For Luck and Money

While us Southerners generally eat like kings on holidays, the traditional Southern New Years day meal is meager in comparison.

Here’s my little history lesson for the day…  Back when the Union soldiers raided the South during the Civil War, the destroyed most all of the crops and food, leaving only items they needed to feed their horses or that they considered to bad to eat, like greens, peas and fatback.  Our ancestors learned to cook these foods just in order to survive, but today we consider them good eatin’.

A simple length of burlap served as our table cover and was a fun, casual contrast to the mercury glass votives.  In a similar juxtaposition, formal white rose arrangements were unexpected in mason jars.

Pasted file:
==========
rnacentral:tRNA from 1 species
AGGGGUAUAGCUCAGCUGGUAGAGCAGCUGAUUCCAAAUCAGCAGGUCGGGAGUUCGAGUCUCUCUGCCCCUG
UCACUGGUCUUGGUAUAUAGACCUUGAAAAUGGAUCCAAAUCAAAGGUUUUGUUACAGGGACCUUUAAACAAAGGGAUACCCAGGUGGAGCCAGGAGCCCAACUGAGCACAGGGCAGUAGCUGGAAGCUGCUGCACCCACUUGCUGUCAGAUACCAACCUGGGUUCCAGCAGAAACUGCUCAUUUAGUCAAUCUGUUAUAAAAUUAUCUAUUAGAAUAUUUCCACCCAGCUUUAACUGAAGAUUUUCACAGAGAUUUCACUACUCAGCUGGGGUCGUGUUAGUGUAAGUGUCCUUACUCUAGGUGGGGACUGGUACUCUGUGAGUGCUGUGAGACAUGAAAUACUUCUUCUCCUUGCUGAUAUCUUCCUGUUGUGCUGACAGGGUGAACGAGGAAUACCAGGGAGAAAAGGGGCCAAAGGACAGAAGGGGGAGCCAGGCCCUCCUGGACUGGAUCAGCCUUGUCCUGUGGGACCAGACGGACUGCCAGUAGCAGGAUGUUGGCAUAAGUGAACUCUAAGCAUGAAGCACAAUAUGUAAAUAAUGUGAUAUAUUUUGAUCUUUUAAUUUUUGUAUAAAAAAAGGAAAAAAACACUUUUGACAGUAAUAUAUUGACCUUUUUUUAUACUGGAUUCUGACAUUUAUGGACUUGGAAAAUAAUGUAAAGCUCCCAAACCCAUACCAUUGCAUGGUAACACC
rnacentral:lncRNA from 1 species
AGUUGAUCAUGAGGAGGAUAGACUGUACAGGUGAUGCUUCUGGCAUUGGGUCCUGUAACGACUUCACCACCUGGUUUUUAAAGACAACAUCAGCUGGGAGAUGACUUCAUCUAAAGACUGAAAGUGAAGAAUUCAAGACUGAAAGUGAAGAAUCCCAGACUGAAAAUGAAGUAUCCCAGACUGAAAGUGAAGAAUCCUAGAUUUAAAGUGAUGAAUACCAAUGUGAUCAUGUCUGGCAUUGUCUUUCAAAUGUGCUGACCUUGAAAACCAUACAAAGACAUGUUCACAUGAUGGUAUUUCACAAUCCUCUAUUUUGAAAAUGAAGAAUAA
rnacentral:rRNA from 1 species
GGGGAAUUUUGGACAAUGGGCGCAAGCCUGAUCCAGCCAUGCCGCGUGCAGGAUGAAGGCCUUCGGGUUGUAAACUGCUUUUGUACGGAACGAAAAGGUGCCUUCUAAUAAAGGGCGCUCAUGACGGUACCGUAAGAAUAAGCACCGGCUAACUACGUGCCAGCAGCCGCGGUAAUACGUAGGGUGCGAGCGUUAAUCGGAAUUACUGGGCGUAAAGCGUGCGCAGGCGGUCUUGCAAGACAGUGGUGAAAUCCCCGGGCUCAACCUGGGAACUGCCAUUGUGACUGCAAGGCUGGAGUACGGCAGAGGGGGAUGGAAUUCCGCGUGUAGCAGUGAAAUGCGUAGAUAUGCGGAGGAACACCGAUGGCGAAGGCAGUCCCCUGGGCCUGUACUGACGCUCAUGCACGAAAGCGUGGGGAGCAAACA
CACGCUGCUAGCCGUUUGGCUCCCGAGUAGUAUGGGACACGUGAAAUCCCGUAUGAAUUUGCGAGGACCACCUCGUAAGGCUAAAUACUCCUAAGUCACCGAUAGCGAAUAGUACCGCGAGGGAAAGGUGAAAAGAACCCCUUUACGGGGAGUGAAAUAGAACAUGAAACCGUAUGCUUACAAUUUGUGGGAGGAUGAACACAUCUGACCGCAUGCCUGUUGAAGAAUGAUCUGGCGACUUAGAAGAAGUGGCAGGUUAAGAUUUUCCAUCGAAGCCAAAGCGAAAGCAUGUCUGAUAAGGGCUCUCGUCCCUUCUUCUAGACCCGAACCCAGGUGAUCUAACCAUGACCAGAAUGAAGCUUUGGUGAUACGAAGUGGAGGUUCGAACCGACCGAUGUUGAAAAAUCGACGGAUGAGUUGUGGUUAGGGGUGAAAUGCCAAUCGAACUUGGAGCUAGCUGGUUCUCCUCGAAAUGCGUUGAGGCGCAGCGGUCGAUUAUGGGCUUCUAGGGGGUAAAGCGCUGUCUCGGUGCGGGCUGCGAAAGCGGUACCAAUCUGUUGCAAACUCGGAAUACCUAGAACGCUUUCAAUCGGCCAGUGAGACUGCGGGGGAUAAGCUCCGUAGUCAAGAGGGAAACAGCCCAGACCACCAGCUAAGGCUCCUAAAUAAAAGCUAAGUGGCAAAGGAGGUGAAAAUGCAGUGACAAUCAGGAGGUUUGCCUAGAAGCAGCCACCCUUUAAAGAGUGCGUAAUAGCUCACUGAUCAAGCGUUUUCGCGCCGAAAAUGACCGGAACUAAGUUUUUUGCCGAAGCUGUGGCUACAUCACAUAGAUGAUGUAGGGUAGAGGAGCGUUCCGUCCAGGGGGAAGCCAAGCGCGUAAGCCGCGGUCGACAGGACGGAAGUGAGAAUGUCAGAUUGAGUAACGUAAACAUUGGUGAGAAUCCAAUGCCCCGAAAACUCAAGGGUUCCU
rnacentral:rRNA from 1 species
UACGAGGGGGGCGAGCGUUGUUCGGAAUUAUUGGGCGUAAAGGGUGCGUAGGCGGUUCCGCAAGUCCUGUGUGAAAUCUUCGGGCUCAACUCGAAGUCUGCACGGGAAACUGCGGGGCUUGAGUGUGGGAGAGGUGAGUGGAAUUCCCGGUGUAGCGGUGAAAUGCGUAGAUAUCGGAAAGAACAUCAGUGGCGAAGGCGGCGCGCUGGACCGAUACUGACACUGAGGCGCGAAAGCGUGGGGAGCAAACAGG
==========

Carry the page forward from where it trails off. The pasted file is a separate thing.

Our guests provided the appetizers – loaded baked potato dip (so yummy – see Jan 2011 Southern Living) , spinach dips and pimento cheese.  Chips and dippers were served in brown paper bags.

Our eats included Bourbon and Brown Sugar Pork Tenderloin, Collard Greens (for wealth), Hoppin John (for luck), Sweet Cornbread Waffles and The Pirate’s House Pecan Pie.

As I sat down with friends and family on 1/1/11 I was reminded once again just how good life is.

[I’ll need to remind myself of that throughout the day as Honey returned to work after a two week holiday and the boys are already running the halls …]

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